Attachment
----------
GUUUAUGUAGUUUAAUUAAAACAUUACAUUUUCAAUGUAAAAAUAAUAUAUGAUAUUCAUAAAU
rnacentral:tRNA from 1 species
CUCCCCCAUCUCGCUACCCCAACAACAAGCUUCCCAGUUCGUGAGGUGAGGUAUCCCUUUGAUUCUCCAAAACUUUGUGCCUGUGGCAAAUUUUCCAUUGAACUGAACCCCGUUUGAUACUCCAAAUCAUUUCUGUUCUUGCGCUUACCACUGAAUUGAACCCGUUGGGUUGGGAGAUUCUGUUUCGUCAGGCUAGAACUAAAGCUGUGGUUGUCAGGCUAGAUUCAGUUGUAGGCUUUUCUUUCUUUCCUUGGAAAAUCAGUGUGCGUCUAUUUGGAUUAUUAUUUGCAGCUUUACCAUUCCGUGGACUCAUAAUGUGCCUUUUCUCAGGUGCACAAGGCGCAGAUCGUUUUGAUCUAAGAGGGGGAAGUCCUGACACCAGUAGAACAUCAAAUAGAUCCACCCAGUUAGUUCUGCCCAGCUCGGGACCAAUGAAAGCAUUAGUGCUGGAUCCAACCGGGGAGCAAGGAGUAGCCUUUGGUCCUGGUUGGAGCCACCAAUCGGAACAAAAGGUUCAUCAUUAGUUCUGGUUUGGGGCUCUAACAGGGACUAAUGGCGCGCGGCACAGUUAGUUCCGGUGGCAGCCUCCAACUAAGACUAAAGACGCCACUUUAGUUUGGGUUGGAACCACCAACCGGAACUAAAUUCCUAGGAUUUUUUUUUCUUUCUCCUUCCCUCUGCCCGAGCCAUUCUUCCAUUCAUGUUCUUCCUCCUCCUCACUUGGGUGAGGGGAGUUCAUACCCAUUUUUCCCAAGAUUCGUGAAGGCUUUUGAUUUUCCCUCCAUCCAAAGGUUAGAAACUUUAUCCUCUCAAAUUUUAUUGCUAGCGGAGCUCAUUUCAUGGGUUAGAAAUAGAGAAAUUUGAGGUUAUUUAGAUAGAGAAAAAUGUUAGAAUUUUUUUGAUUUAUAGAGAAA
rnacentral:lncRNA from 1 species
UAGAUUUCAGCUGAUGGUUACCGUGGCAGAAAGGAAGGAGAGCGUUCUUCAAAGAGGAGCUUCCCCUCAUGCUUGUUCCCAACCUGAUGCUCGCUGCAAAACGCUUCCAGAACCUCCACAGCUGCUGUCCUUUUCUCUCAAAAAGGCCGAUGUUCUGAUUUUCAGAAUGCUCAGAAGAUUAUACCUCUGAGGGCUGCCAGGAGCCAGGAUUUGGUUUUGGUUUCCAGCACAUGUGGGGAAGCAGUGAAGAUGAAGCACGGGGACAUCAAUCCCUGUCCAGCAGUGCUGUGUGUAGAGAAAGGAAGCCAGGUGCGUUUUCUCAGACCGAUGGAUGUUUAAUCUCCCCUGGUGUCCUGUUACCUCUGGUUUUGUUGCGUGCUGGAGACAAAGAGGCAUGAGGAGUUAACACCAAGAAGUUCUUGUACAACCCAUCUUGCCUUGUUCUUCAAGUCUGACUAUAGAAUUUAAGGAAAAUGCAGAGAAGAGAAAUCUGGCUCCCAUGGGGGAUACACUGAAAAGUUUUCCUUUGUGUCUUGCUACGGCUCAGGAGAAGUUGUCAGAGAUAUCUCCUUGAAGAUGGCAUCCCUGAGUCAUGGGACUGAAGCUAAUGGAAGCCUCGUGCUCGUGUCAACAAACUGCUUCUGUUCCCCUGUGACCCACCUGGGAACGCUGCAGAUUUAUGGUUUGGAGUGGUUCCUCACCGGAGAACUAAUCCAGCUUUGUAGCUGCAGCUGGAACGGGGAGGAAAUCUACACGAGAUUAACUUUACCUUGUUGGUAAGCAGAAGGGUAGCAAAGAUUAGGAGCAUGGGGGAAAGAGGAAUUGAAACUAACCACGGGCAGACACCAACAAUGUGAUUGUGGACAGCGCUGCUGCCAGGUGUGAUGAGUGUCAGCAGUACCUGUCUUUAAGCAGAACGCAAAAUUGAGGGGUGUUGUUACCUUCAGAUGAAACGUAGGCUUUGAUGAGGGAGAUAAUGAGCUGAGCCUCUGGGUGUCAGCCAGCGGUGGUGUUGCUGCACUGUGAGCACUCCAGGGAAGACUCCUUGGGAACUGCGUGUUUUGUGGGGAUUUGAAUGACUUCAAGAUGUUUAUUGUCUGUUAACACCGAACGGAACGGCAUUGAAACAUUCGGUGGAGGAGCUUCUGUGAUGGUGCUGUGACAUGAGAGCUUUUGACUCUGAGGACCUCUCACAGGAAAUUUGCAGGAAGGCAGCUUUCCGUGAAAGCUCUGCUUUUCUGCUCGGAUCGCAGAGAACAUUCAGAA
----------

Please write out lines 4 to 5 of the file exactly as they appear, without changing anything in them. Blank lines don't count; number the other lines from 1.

rnacentral:lncRNA from 1 species
UAGAUUUCAGCUGAUGGUUACCGUGGCAGAAAGGAAGGAGAGCGUUCUUCAAAGAGGAGCUUCCCCUCAUGCUUGUUCCCAACCUGAUGCUCGCUGCAAAACGCUUCCAGAACCUCCACAGCUGCUGUCCUUUUCUCUCAAAAAGGCCGAUGUUCUGAUUUUCAGAAUGCUCAGAAGAUUAUACCUCUGAGGGCUGCCAGGAGCCAGGAUUUGGUUUUGGUUUCCAGCACAUGUGGGGAAGCAGUGAAGAUGAAGCACGGGGACAUCAAUCCCUGUCCAGCAGUGCUGUGUGUAGAGAAAGGAAGCCAGGUGCGUUUUCUCAGACCGAUGGAUGUUUAAUCUCCCCUGGUGUCCUGUUACCUCUGGUUUUGUUGCGUGCUGGAGACAAAGAGGCAUGAGGAGUUAACACCAAGAAGUUCUUGUACAACCCAUCUUGCCUUGUUCUUCAAGUCUGACUAUAGAAUUUAAGGAAAAUGCAGAGAAGAGAAAUCUGGCUCCCAUGGGGGAUACACUGAAAAGUUUUCCUUUGUGUCUUGCUACGGCUCAGGAGAAGUUGUCAGAGAUAUCUCCUUGAAGAUGGCAUCCCUGAGUCAUGGGACUGAAGCUAAUGGAAGCCUCGUGCUCGUGUCAACAAACUGCUUCUGUUCCCCUGUGACCCACCUGGGAACGCUGCAGAUUUAUGGUUUGGAGUGGUUCCUCACCGGAGAACUAAUCCAGCUUUGUAGCUGCAGCUGGAACGGGGAGGAAAUCUACACGAGAUUAACUUUACCUUGUUGGUAAGCAGAAGGGUAGCAAAGAUUAGGAGCAUGGGGGAAAGAGGAAUUGAAACUAACCACGGGCAGACACCAACAAUGUGAUUGUGGACAGCGCUGCUGCCAGGUGUGAUGAGUGUCAGCAGUACCUGUCUUUAAGCAGAACGCAAAAUUGAGGGGUGUUGUUACCUUCAGAUGAAACGUAGGCUUUGAUGAGGGAGAUAAUGAGCUGAGCCUCUGGGUGUCAGCCAGCGGUGGUGUUGCUGCACUGUGAGCACUCCAGGGAAGACUCCUUGGGAACUGCGUGUUUUGUGGGGAUUUGAAUGACUUCAAGAUGUUUAUUGUCUGUUAACACCGAACGGAACGGCAUUGAAACAUUCGGUGGAGGAGCUUCUGUGAUGGUGCUGUGACAUGAGAGCUUUUGACUCUGAGGACCUCUCACAGGAAAUUUGCAGGAAGGCAGCUUUCCGUGAAAGCUCUGCUUUUCUGCUCGGAUCGCAGAGAACAUUCAGAA